- Architect In Charge:Yutaka Yoshida Architect & Associates
- Design Team:Yutaka Yoshida Architect & Associates
Text description provided by the architects. One of the hill-shaped sites scattered around the foot of the mountain surrounding the city of Hiroshima, the site located at the end of the housing complex has three steps of height difference facing the cliff, and has an irregular flat shape. Due to its small site area, it has been used as a parking lot for a long time. Client, who found the site, imaged a rich home with a spectacular view overlooking the city.
When I first visited the site, I strongly imagined a tower-like architecture that stood on a cliff. We sought a well-formed plan shape with a building layout that overlaps while securing parking space for two cars. The combination of rectangles and triangles is because we wanted the most effective footprint for the unique site shape. In addition, a foot plant with a small side in contact with the road was effective when clearing the building conditions related to road diagonal line.
Of the three-story structure, the main living space is located on the second floor, and the bedroom and water area are located on the top floor. The rectangular planes on the 1st and 2nd floors show the structural materials of the ceiling in a grid pattern, giving directions toward the outside and openings that cut out the scenery, while the triangular plane space is flat. By giving these simple combinations, the stairs inserted between them, and different ceiling heights, shades are created in a small living space.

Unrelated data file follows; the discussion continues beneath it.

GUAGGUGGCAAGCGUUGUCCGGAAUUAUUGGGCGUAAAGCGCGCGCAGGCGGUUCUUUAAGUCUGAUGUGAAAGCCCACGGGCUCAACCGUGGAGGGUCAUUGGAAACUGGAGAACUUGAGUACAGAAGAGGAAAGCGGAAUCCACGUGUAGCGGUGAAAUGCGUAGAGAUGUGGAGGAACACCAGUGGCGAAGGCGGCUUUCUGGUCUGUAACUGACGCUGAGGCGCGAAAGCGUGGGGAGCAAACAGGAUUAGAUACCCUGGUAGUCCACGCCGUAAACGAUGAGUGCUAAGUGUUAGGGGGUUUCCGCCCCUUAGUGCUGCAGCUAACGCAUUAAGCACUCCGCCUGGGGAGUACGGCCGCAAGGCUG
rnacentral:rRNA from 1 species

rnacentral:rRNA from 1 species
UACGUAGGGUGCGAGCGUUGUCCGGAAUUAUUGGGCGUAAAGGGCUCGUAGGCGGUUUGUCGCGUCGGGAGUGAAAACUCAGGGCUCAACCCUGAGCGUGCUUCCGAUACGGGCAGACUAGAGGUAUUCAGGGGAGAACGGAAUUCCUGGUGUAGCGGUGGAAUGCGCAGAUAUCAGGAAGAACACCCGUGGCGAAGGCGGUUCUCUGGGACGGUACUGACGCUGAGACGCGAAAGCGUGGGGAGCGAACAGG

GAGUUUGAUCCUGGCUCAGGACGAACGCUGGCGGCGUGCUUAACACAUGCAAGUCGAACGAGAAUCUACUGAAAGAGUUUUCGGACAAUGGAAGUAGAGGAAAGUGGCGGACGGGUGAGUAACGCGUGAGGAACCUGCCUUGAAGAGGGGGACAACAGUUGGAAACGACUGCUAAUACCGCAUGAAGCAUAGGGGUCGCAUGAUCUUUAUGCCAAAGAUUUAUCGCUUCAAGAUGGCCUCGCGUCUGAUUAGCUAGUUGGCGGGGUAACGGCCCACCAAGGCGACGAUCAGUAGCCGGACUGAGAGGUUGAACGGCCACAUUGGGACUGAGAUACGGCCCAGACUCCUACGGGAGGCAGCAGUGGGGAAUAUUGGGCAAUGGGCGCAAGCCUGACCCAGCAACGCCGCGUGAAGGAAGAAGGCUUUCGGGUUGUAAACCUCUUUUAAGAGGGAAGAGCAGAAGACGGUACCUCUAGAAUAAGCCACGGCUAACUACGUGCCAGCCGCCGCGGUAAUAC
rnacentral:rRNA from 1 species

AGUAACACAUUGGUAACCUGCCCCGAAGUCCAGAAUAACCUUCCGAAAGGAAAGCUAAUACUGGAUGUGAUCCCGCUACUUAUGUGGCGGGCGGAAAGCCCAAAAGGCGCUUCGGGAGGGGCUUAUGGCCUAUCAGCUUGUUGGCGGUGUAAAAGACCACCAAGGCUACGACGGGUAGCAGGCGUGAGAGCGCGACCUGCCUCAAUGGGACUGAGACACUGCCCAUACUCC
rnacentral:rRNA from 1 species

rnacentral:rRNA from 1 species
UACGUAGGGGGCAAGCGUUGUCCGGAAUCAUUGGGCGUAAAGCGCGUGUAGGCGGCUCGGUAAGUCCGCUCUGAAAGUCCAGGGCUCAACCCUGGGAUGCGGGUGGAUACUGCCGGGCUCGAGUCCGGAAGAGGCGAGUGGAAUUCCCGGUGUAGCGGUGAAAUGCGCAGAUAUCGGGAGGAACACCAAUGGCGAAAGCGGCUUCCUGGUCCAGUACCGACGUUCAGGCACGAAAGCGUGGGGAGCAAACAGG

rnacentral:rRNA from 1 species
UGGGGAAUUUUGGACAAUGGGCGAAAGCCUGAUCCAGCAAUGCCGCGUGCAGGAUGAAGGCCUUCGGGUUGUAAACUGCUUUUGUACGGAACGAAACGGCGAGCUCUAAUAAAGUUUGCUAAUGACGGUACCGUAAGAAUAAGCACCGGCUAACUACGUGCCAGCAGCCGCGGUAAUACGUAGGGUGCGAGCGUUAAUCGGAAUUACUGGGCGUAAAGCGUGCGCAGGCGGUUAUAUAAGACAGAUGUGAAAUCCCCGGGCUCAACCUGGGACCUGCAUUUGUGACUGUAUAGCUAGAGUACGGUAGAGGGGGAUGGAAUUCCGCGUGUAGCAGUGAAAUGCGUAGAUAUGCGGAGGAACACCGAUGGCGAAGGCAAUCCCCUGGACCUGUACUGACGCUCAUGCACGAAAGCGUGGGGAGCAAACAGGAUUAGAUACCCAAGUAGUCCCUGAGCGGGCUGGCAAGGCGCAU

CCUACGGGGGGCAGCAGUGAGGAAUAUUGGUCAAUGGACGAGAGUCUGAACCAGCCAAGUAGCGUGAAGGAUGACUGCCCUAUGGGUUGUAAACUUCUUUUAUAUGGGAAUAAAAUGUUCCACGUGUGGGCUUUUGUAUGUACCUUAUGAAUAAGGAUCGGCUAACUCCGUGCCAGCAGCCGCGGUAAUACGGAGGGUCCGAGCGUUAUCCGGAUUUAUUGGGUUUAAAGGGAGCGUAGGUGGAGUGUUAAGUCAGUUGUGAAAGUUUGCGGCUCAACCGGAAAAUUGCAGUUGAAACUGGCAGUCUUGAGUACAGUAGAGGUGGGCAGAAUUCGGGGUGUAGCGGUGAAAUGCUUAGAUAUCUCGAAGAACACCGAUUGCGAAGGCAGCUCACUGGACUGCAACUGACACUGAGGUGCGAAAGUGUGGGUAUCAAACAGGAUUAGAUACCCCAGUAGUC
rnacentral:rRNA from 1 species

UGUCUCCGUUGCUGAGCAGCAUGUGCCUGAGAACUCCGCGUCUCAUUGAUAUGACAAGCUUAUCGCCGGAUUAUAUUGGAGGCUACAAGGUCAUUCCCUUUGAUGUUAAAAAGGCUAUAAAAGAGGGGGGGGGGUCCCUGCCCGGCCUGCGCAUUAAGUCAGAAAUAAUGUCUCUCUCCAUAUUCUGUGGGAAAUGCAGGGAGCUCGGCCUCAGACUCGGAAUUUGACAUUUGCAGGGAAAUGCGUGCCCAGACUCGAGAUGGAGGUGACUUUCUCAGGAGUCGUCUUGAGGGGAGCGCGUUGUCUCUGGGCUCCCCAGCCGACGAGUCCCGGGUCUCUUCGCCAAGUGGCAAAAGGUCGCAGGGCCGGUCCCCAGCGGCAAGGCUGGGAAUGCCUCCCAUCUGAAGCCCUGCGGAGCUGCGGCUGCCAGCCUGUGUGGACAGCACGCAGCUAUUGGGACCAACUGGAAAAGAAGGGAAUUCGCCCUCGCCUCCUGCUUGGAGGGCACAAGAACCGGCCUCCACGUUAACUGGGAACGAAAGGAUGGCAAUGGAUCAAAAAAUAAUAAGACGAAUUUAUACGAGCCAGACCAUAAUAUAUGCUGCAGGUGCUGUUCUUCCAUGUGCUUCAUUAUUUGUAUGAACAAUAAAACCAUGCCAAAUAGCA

For the interior, mortar is used for the first floor, P tiles of similar colors are used for the second and third floors, lauan plywood is used for the walls and ceiling, and the stairs and construction materials are unified with lauan plywood. By doing so, I wrapped the space with a small amount of material. Since it has a wall surface that is continuous from the inside to the outside, the plastering finish of the outer wall is also a color scheme that is conscious of the affinity with the color of the wood part, and the interior space creates a spread that connects to the outside while changing the material.
The plane shape with five side walls created from the site shape has a mysterious depth and breadth that cannot be obtained with the four side planes. By adding a cross-sectional operation to it, we have realized a rich residence that captures the scenery below the site while including a rich interior space.